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Two ubiquitous parrotfishes exhibit distinct foraging ecologies on tropical Brazilian reefs

Ana Luisa P. Moreira, Paulo R. de Medeiros, Natalia C. Roos*

*Corresponding author:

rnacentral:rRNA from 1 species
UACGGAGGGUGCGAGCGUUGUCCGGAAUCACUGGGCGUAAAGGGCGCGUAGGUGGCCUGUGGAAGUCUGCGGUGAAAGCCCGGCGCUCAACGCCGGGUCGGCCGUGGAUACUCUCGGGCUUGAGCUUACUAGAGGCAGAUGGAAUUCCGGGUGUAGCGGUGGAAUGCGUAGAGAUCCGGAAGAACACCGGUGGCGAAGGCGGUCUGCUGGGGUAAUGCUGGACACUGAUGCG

ABSTRACT: Parrotfishes (Labridae: Scarinae) are common components of reef environments known to influence the early succession dynamics of benthic communities through their foraging behavior. In the southwestern Atlantic, the sparisomatine clade predominates over the scarinine when compared to the Caribbean, with the endemic species Sparisoma axillare and S. frondosum being the most abundant and widespread parrotfishes in the Brazilian Biogeographic Province. Because the two species are similar in terms of occurrence and abundance, describing their levels of niche complementarity is challenging. Investigating basic ecological distinctions between species can aid in comprehending their habitat requirements and susceptibilities. This is particularly important in the case of Sparisoma axillare and S. frondosum, both of which are listed as Vulnerable by the Brazilian Red List of Endangered Species. Here, we assessed feeding rate, substrate selectivity, niche overlap, shoaling behavior and agonistic interactions during foraging activity of both species and comparatively between ontogenetic stages. We found that, despite a high niche overlap, S. frondosum feeds on a wider range of substrate types and interacts more with other species while foraging compared to S. axillare. Dissimilarities in substrates selection by the two species were mainly represented by algal turfs and sand, but an opposite pattern was detected: while S. axillare selected preferentially the algal turfs, S. frondosum selected more sand. Although fine-scale resource partitioning has not been investigated, our results provide insights into niche complementarity between the two species and inferences on drivers that may help explain their distribution in the Brazilian reefs.